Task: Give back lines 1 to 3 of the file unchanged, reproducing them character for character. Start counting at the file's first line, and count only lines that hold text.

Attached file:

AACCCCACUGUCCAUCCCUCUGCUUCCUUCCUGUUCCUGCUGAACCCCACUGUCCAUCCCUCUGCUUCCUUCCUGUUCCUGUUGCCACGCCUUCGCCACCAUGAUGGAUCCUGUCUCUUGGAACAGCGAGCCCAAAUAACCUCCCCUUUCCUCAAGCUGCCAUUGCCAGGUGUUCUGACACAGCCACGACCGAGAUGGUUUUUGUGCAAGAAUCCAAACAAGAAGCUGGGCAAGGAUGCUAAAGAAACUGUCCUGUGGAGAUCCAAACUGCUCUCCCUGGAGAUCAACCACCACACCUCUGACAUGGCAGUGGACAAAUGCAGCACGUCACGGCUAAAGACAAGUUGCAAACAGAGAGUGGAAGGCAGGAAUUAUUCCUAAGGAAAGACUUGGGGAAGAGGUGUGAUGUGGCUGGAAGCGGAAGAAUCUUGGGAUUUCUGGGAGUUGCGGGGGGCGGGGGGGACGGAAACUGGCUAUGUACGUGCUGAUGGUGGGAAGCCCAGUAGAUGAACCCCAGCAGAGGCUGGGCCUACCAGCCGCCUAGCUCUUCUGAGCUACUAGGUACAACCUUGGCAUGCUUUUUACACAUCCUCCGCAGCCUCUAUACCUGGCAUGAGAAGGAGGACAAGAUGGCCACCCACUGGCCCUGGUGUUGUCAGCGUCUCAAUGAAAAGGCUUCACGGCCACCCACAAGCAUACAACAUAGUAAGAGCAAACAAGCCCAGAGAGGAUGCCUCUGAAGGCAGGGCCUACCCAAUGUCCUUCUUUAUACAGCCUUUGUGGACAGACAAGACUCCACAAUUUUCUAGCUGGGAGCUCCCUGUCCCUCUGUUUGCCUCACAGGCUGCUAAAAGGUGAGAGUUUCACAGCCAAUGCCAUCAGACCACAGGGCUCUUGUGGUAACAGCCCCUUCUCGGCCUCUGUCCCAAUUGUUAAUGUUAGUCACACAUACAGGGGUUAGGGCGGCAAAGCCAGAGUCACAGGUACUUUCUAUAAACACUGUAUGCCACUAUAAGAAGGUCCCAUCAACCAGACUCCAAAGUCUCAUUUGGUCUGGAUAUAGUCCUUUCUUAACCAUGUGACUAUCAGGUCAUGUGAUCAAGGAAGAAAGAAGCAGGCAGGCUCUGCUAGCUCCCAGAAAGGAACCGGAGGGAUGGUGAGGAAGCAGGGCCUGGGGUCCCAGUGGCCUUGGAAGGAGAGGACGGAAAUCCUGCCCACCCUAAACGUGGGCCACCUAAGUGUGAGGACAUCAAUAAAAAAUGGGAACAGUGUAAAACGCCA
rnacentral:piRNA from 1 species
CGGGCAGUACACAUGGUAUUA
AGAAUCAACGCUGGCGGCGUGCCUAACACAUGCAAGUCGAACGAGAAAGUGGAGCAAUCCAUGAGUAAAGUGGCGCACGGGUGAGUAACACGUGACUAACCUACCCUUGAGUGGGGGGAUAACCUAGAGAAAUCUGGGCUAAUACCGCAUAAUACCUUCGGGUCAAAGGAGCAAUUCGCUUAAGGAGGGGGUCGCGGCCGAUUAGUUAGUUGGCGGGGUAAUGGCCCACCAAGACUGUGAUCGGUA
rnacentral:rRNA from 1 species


AACCCCACUGUCCAUCCCUCUGCUUCCUUCCUGUUCCUGCUGAACCCCACUGUCCAUCCCUCUGCUUCCUUCCUGUUCCUGUUGCCACGCCUUCGCCACCAUGAUGGAUCCUGUCUCUUGGAACAGCGAGCCCAAAUAACCUCCCCUUUCCUCAAGCUGCCAUUGCCAGGUGUUCUGACACAGCCACGACCGAGAUGGUUUUUGUGCAAGAAUCCAAACAAGAAGCUGGGCAAGGAUGCUAAAGAAACUGUCCUGUGGAGAUCCAAACUGCUCUCCCUGGAGAUCAACCACCACACCUCUGACAUGGCAGUGGACAAAUGCAGCACGUCACGGCUAAAGACAAGUUGCAAACAGAGAGUGGAAGGCAGGAAUUAUUCCUAAGGAAAGACUUGGGGAAGAGGUGUGAUGUGGCUGGAAGCGGAAGAAUCUUGGGAUUUCUGGGAGUUGCGGGGGGCGGGGGGGACGGAAACUGGCUAUGUACGUGCUGAUGGUGGGAAGCCCAGUAGAUGAACCCCAGCAGAGGCUGGGCCUACCAGCCGCCUAGCUCUUCUGAGCUACUAGGUACAACCUUGGCAUGCUUUUUACACAUCCUCCGCAGCCUCUAUACCUGGCAUGAGAAGGAGGACAAGAUGGCCACCCACUGGCCCUGGUGUUGUCAGCGUCUCAAUGAAAAGGCUUCACGGCCACCCACAAGCAUACAACAUAGUAAGAGCAAACAAGCCCAGAGAGGAUGCCUCUGAAGGCAGGGCCUACCCAAUGUCCUUCUUUAUACAGCCUUUGUGGACAGACAAGACUCCACAAUUUUCUAGCUGGGAGCUCCCUGUCCCUCUGUUUGCCUCACAGGCUGCUAAAAGGUGAGAGUUUCACAGCCAAUGCCAUCAGACCACAGGGCUCUUGUGGUAACAGCCCCUUCUCGGCCUCUGUCCCAAUUGUUAAUGUUAGUCACACAUACAGGGGUUAGGGCGGCAAAGCCAGAGUCACAGGUACUUUCUAUAAACACUGUAUGCCACUAUAAGAAGGUCCCAUCAACCAGACUCCAAAGUCUCAUUUGGUCUGGAUAUAGUCCUUUCUUAACCAUGUGACUAUCAGGUCAUGUGAUCAAGGAAGAAAGAAGCAGGCAGGCUCUGCUAGCUCCCAGAAAGGAACCGGAGGGAUGGUGAGGAAGCAGGGCCUGGGGUCCCAGUGGCCUUGGAAGGAGAGGACGGAAAUCCUGCCCACCCUAAACGUGGGCCACCUAAGUGUGAGGACAUCAAUAAAAAAUGGGAACAGUGUAAAACGCCA
rnacentral:piRNA from 1 species
CGGGCAGUACACAUGGUAUUA